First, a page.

With so many issues confronting us, our nation’s involvement in acts of torture is fading from the public’s priorities for concern. Five years and $40 million in the making, the Senate Intelligence Committee 6,700-page report is the only official action to address the CIA’s 2001-2006 detention/interrogation program. Released in December 2014, the 500-page executive summary offers the following highlights of what is contained in the fuller version. According to the summary, the CIA:
- used techniques more brutal than the agency portrayed,
- was not subject to adequate oversight,
- misled members of Congress and the White House about the effectiveness and extent of its brutal interrogation techniques,
- wrongfully held at least 26 detainees, and
- leaked classified information to journalists, exaggerating the success of torture to gain public support.
This, even though torture is clearly banned under international and domestic laws which require nations that engage in it to hold their officials accountable.
At the request of Senate Intelligence Committee Chair, Richard Burr, all but three copies of the full report have been returned. The agencies with whom it was shared admit not having read it, despite having it for two-and-a-half years. Once all copies are returned to Senator Burr, the report can be “buried,” preventing anyone – even the Department of Defense, the State Department, or the CIA itself – from ever reading its full contents to ensure this does not happen again.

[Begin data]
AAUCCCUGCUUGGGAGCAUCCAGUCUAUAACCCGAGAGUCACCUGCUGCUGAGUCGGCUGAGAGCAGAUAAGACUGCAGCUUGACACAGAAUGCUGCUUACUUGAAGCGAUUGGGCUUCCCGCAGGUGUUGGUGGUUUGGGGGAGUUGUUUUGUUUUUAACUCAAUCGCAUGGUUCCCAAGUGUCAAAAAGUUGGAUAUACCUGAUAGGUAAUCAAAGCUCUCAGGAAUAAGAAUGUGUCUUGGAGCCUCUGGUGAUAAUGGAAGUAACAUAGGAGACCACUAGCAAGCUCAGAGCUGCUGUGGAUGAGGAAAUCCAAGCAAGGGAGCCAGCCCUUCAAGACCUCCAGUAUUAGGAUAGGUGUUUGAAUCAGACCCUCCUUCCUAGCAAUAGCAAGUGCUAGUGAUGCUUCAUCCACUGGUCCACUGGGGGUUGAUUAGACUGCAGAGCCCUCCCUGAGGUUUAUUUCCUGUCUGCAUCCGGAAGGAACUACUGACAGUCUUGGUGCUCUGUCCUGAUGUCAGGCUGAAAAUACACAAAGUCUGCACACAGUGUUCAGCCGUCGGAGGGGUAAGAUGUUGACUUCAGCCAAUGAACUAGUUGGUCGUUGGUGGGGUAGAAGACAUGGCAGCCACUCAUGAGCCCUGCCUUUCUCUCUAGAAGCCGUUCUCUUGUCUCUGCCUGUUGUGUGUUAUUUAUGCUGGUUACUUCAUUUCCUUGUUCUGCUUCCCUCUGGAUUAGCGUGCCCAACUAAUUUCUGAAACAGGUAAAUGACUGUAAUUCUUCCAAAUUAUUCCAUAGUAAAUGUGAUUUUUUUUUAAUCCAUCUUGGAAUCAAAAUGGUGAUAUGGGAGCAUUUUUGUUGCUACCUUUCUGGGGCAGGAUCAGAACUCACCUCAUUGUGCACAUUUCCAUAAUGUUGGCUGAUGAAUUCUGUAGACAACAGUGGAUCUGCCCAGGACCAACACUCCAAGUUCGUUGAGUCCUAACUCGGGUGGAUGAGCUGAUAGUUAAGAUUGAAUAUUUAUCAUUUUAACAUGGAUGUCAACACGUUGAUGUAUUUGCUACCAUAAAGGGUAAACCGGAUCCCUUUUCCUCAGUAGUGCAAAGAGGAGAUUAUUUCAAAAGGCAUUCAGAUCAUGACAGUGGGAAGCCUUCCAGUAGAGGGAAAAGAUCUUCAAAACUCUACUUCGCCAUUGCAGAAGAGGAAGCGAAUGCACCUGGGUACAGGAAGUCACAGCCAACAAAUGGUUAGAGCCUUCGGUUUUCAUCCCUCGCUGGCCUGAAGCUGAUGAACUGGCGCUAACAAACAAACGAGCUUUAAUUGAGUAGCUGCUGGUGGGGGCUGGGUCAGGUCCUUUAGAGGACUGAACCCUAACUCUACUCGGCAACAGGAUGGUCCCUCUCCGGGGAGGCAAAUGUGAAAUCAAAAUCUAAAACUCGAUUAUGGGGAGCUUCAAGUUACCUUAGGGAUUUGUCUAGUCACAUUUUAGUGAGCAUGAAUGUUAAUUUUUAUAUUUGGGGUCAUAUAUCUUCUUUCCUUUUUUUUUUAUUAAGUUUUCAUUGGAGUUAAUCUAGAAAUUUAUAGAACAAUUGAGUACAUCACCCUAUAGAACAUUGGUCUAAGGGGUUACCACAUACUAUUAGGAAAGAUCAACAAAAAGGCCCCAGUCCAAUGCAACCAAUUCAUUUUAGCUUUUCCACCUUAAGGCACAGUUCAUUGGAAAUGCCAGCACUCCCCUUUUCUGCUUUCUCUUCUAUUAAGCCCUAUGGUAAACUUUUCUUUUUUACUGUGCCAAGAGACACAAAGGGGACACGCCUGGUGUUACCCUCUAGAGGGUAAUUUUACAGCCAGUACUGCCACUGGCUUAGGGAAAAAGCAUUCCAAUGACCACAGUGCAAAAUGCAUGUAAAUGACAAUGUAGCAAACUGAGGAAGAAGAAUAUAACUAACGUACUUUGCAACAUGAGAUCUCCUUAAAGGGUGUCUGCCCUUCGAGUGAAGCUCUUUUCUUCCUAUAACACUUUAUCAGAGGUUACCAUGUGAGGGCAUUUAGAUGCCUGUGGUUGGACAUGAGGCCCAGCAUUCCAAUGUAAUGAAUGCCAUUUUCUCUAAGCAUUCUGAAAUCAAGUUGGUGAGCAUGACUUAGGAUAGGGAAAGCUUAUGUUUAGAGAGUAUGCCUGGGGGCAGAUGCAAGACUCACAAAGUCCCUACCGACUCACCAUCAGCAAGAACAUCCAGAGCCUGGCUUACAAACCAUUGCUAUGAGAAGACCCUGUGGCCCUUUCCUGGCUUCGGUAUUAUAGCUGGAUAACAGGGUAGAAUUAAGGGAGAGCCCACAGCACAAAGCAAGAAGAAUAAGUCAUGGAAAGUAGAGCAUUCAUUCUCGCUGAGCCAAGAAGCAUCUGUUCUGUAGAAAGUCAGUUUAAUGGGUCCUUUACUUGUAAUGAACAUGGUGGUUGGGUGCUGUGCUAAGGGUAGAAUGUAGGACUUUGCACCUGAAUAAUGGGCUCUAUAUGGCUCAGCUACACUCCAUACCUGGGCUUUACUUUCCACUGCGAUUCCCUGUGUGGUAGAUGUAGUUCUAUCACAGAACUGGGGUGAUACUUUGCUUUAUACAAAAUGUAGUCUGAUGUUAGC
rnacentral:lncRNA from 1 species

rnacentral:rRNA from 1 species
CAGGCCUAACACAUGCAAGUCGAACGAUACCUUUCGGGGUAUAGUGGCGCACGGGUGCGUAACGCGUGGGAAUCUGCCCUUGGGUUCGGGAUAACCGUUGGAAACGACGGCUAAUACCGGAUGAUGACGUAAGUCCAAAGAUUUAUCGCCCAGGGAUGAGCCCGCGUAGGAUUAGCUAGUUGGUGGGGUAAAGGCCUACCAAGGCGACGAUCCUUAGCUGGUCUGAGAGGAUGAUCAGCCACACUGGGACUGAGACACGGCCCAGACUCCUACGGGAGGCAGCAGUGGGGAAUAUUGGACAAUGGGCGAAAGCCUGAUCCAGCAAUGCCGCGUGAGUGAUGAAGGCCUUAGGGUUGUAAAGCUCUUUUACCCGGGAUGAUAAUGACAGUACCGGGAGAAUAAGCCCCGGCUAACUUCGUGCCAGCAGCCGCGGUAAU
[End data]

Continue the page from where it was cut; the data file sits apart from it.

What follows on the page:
“You hypocrite, first take the log out of your own eye, and then you will see clearly to take the speck out of your neighbor’s eye” (Matt. 7:5).
For those of us in North Carolina, this lesson is particularly germane because the planes transporting prisoners to and from the places where they were mistreated landed on our soil at the Johnston County Airport in Smithfield. We cannot presume to stand on high ground criticizing the behavior of other nations when we are a party to this.
Rather than continuing to cover up the truth about torture and our own implicit role in it, we need to confront the truth. As people of faith, such confession allows for forgiveness and restitution. Once forgiven we need no longer explain away the facts or make excuses for our behavior. We need only begin the restorative process for ourselves and those who were wronged. We call on Senator Burr to allow this kind of truth telling and confession to occur for the people of North Carolina and the United States.
The North Carolina Commission of Inquiry on Torture will hold public hearings November 30 and December 1 at the Raleigh Convention Center . Over the course of two days, they will hear testimony from witnesses and survivors who have firsthand knowledge of North Carolina’s involvement in the CIA Rendition, Detention, and Interrogation Program. These all-day hearings are open to the public, but registration is encouraged. To register, please email email@example.com. A public accounting of what the report holds is the only way for us to know the extent of the log in our eyes.